It looks like Rock Samphire to me, See: http://wildflowerfinder.org.uk/Flowers/S/Samphire(Rock)/Samphire(Rock).htm
Cheers for the reply. I went looking for samphire, then found this but didn't expect the citrus like smell. Also I notice the flowers didn't appear to be clustered. Shame if it was samphire because I went and bought some, instead, after I had some doubts! :-)
I agree with Habdab, the larger, yellowish green, plant, without flowers, in your first pic is Rock Samphire, Crithmum maritimum, which has flowers in an umbel and smells like furniture polish when crushed.
The plant in your second pic, and the origin of the yellow daisy-like fowers in your first pic, is a different thing altogether...
It is a member of the Dewplant or Aizoaceae family. I am pretty sure it is Hottentot-fig, Carpobrotus edulis, an invasive alien.
Thanks Jen for your clarification. It was the yellow flowers which confused me as the leaves of the two plants are very similar, except I think the samphire I see in shops looks more knobbly.
There were a lot of these plants about and from looking at them I wasn't sure of many differences. Although the leaves of the second I crushed did not smell as strong as those of the samphire.
Before I go and overstep the mark on this one, in future if I happen accross a nice patch of samphire and I have 100% confidence in my identification then is anybody aware of the legalities around collecting a sensible (i.e. a small % of and well within limits of what one can eat) amount for personal consumption.
Also, obviously given it's choice of habitat, extra care not to trip over the edge of a cliff goes hand in hand.
Thank you for the help Habdab and Jen
You're very welcome.
If the Samphire is growing in a Nature Reserve you may not collect any of it.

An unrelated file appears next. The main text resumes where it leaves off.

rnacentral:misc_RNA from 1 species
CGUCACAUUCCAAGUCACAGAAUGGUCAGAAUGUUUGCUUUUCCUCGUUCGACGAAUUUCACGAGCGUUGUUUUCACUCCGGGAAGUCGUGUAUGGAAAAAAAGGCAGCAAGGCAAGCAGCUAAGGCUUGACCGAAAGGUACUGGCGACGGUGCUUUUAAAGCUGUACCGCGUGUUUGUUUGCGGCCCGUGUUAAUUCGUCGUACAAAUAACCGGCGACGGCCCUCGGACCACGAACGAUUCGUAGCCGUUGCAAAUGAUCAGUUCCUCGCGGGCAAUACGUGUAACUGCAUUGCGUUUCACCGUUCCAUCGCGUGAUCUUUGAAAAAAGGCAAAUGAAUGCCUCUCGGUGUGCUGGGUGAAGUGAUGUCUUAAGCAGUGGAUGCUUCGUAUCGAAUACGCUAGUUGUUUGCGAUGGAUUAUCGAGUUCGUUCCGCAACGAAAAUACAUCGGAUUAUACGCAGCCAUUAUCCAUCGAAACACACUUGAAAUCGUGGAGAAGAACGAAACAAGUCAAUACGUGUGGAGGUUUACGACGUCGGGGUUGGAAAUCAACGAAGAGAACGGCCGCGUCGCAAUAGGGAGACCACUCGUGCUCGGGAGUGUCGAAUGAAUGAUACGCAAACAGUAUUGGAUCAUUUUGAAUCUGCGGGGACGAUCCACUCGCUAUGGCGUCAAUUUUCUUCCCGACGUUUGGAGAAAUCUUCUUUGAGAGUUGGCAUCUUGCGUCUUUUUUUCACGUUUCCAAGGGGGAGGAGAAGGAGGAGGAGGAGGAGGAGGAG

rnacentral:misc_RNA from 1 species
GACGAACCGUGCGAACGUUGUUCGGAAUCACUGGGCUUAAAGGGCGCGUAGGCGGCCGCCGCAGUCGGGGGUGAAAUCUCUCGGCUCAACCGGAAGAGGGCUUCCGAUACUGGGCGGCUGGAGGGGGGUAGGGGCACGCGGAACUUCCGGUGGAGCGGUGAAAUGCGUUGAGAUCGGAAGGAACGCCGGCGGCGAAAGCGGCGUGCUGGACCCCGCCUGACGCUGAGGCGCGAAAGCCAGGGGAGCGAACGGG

Outside of that it is more of a moral issue... If you collect a little from several plants and do not damage the reproductive fitness of the plant e.g. by removing or damaging flowers or uprooting, most would deem it okay to forage for wild food. However always bear in mind that something like Rock Samphire grows in an harsh environment and probably grows slowly and has to put alot of energy into any growth made - only ever pick what you will use...
There is useful information and links here.
Hope that helps...
Very much so, thank you. Cheers for the link. I recall it being illegal to uproot wild flowers without landowners permission.
I'm all for the protection of wild plants whether it be collecting a little from several plants (and only what you will use when the is a suitable abundance) or in some cases not at all, for the preservation of species and the other species affected by disruption of that species and so on, and so on, etc etc
It's interesting to see that the invasive species in the 3rd post is also edible. It's nice to think that, like the non-native varieties of crayfish, some things can be done towards helping to reduce the competition for our native species. After all, I suppose the natural supply and demand would likely be regulated by the adubance of which certain foods exist (i.e. those simply looking for food, rather than particular food, would find and eat these first as opposed to the model we follow where if a particular food is becoming increasingly hard to find, it's price goes up but it's still eaten by many!). That's a whole different kettle of fish though!
Thanks for the help with the identification